Self, Self Stretch, Michael, 2008–2010
There is something photographic about Penny’s sculptures, and not only because of their transitions from the sculptural to the twodimensional. Their precise realistic quality also leads us to believe that they are the result of a mechanical process of reproduction. Yet until 2007 the artist produced all of his works by hand. He modelled each original form in clay; a completely conventional method. Nevertheless, since 2000 the artistic reflection on the concept of the human being generated through media had been the focus of his artistic work. Thus for Penny it was only a small mental step to begin considering methods of three-dimensional reproduction in his sculptural works. He hoped to resolve a question that had posed itself for quite some time.
We have become accustomed to viewing ourselves through photographs in life-specific situations with all of their momentary modes of expression. How might one succeed in representing this experience three-dimensionally?
It made sense that new three-dimensional digital technologies should be able to help produce a sculpture that functioned more like a snapshot. The possibilities afforded by laser scanning and three-dimensional photography seemed promising. Both technologies capture the sitting or standing body within seconds; the one with a laser beam, the other with a series of images recorded simultaneously, which are then assembled together using a computer program. After being reworked with an image-editing program, the data gathered in this way can be used to produce a rough replica of the body.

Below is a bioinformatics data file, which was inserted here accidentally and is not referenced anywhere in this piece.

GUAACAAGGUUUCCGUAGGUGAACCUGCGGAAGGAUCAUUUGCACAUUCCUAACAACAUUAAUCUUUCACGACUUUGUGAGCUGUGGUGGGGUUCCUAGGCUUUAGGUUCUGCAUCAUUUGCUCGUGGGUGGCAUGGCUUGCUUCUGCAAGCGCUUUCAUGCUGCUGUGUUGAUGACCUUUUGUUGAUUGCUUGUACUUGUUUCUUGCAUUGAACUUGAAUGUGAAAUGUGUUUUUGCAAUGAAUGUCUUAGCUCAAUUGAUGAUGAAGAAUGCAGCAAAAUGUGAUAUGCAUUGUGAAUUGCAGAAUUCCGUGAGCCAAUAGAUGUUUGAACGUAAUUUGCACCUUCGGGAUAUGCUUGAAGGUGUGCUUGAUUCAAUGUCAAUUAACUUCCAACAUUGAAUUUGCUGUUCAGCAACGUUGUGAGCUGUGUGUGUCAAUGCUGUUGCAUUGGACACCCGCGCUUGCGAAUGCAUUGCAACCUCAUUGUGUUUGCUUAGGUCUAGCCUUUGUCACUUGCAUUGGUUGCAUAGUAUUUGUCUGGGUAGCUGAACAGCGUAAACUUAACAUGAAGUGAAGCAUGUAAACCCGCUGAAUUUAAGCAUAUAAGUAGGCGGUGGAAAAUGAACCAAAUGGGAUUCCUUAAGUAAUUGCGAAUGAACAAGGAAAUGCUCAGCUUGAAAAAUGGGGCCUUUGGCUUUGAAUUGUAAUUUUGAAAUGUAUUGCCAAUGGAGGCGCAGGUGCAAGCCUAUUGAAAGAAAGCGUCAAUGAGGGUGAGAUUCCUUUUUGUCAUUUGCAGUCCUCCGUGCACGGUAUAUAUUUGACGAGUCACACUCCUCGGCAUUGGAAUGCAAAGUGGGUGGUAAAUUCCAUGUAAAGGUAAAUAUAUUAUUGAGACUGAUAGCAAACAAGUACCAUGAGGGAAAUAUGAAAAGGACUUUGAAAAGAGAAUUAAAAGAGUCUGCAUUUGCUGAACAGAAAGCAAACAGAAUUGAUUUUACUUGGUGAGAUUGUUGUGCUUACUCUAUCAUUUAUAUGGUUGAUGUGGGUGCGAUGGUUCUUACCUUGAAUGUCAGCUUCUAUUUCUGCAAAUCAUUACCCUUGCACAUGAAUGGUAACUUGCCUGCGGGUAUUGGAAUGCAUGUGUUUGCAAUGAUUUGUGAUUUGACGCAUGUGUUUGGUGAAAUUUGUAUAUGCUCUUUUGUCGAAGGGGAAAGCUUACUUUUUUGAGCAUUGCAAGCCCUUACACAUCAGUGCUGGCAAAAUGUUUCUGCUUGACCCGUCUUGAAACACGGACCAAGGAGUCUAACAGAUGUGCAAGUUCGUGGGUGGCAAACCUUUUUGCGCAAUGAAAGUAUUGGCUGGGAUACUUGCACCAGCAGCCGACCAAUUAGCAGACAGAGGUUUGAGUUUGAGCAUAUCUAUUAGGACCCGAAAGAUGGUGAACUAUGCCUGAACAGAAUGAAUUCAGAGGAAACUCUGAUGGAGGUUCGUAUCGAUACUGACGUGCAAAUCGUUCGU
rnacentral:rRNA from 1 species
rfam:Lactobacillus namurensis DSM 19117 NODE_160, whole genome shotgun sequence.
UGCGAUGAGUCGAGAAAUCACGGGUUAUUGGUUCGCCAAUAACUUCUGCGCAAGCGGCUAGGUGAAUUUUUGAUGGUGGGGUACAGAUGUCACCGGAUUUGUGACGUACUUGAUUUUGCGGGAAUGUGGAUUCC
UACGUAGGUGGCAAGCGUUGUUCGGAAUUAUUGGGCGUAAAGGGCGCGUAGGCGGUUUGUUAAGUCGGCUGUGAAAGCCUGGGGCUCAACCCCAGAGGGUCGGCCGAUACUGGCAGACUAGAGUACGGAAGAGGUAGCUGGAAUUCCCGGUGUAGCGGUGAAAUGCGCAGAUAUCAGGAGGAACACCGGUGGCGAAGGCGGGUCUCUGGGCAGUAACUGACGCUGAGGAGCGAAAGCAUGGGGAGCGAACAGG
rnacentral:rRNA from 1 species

In line with his desire to evoke the spirit of “the photographic moment”, the artist initially applied this method to his process in 2008. He made laser scans of his own body, and in 2010, Michael Short, the creative director of his New York gallery, also volunteered to serve as a model. Scanning directly from living subjects allowed the artist to come closer to creating a human snapshot. But additional artistic interventions were required in order to achieve a good result.
As was the case with his exclusively handcrafted sculptures, Penny placed a great deal of value on making it possible to experience the features of media images three-dimensionally in the sculpture. To this end he manipulated the scanned image data using an image-editing program. He used this process to anamorphically distort Self from 2008, his first self-portrait to be created in this way, as well as Michael from 2010. He also produced an elongated self-portrait, Self Stretch, in 2009. For Penny, however, an additional intervention was still necessary to achieve resolution. The inaccurate and generalised milled hard-foam models produced from the digital files needed to be significantly reworked. To do this Penny made a mould and cast them in clay in order to be able to rework the surface by hand. He spent approximately 100 hours on each sculpture, reinterpreting the form and refining the details lost during the scanning process. In this way he succeeded in producing far more precise sculptural snapshots of living people than ever before. According to the artist, “This is the first time … that I have the possibility of making ‘photo’ realist sculpture”.